My Lords, I am sure that the House is indebted to the noble Lord for criticisms which are based on much knowledge and experience of these intricate administrative matters, but I fear that I cannot give him precise answers to many of the questions he has put, for the reason which is palpable upon the face of the Bill—namely, the decision arrived at by the authorities that no cut-and-dried scheme should be placed on the Statute Book at this early stage in the history of the Air Force. I may however deal, though somewhat generally, with two or three of the criticisms he has made.

The complaint that vital matters are not set out more clearly in the text of the Bill I admit to have some ground. Training, for instance, is left to be settled and determined by subsequent Orders in Council; and the noble Lord mentioned other important features in the Air Service which were similarly treated. That is the case. It was decided that, so far from doing what the noble Lord desires, nothing settled to-day could be permanent; that the Air Force, stall in the early stages of its career, should not be tied down by Statute to something which in practice might prove inconvenient, and which ex hypothesi could not be remedied without coming to Parliament for amending Acts. Revision will be necessary. At least it will be admitted that Orders in Council provide a certain amount of elasticity, and that is the ground upon which this Bill presents an outline rather than a completed canvas. Beyond that I am afraid I can say nothing to meet the criticisms of the noble Lord. He wishes everything to be clearly specified and defined at the outset. The promoters of the Bill felt, on the other hand, that however necessary or however desirable it may be later on to define matters with the precision which applies to the Act creating the Army Council, for instance, the present moment is not opportune for such a purpose in connection with the Air Force.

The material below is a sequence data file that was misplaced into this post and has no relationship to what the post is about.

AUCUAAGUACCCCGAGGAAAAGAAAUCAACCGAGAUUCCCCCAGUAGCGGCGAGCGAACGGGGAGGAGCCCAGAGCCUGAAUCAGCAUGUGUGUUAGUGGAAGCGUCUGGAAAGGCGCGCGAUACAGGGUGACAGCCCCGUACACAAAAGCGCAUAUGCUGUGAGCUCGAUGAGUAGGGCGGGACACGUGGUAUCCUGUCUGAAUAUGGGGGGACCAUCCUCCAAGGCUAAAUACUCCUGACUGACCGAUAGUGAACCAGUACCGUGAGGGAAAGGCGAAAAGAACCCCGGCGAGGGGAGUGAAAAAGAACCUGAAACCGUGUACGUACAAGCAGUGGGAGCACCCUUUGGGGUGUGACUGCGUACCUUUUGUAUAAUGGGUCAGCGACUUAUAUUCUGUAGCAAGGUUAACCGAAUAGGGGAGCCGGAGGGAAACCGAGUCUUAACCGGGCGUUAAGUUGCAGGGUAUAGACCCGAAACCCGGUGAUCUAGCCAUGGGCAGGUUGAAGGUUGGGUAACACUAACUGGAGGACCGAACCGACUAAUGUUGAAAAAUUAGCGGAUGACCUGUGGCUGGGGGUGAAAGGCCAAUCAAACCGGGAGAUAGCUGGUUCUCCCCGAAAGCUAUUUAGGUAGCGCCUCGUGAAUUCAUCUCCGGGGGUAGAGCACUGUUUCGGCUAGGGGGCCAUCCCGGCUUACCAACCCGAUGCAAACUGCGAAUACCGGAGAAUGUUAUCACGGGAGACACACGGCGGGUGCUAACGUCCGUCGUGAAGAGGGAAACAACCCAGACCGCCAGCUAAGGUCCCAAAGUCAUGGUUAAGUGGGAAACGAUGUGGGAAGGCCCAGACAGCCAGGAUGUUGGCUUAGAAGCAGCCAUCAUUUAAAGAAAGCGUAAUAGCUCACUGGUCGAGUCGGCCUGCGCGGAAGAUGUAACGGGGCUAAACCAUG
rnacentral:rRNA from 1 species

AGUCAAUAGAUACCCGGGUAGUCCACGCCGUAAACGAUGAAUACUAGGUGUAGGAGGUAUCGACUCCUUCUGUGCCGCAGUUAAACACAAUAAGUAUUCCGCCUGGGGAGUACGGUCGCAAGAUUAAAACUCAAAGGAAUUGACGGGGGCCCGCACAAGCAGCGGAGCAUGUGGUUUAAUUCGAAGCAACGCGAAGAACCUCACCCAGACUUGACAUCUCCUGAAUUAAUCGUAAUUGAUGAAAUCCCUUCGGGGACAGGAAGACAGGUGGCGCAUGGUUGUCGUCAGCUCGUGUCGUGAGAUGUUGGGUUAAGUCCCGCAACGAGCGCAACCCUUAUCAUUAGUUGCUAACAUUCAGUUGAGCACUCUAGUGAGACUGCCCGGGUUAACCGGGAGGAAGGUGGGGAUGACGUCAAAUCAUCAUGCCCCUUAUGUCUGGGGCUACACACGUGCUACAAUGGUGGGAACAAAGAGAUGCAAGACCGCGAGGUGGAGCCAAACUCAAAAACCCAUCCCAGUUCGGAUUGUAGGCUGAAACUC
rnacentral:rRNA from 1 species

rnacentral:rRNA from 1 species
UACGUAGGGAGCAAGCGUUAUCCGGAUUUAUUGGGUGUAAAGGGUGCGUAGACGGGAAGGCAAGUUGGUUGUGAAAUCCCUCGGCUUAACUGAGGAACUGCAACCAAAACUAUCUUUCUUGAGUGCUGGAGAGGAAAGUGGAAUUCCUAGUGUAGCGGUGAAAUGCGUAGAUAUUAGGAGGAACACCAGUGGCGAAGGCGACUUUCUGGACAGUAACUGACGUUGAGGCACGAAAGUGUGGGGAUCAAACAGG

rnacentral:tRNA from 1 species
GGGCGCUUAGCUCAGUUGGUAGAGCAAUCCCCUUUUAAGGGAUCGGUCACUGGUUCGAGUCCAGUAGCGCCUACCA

There are two or three questions which the noble Lord asked about the actual Bill. As regards the powers of the Air Council the vis-û-vis the Air Board, I understand the broad idea is that the Air Council will have powers with regard to the Air Service corresponding to those of the Army Council with regard to land military service, and of the Admiralty with regard to naval service. The Secretary of State in charge of the Air Force will correspond in rank, in responsibility, and in status to the First Lord of the Admiralty and the Secretary of State for War. He will be head of the Council, and it is contemplated—though here, again, it is not laid down in the Bill that the individual members of the Air Council will be allotted specialised functions as is the case both on the Board of Admiralty and on the Army Council.

As regards the design of machines, the responsibility for all designs will rest with the Air Minister. The responsibility for ensuring that the execution of the design is correct and adequately encompassed is with the Air Minister; but the actual work, for very good reasons, will continue to be carried out and supervised by the Minister of Munitions. Aerodromes will be transferred to the Air Council, and the subsection to which the noble Lord re- ferred —subsection (4) of Clause 8—says that His Majesty may by Order in Council transfer from the Admiralty or from the Army Council to the Air Council such property, rights, and liabilities, etc. It is quite true the clause is permissive, but that is the normal form adopted when the responsibilities of one Department are transferred to another. The special object of subsection (4) is to make it clear that not only aerodromes actually finished, but contracts and liabilities of the War Office and of the Admiralty shall, in course of time, be placed within the competence and control of the Air Minister.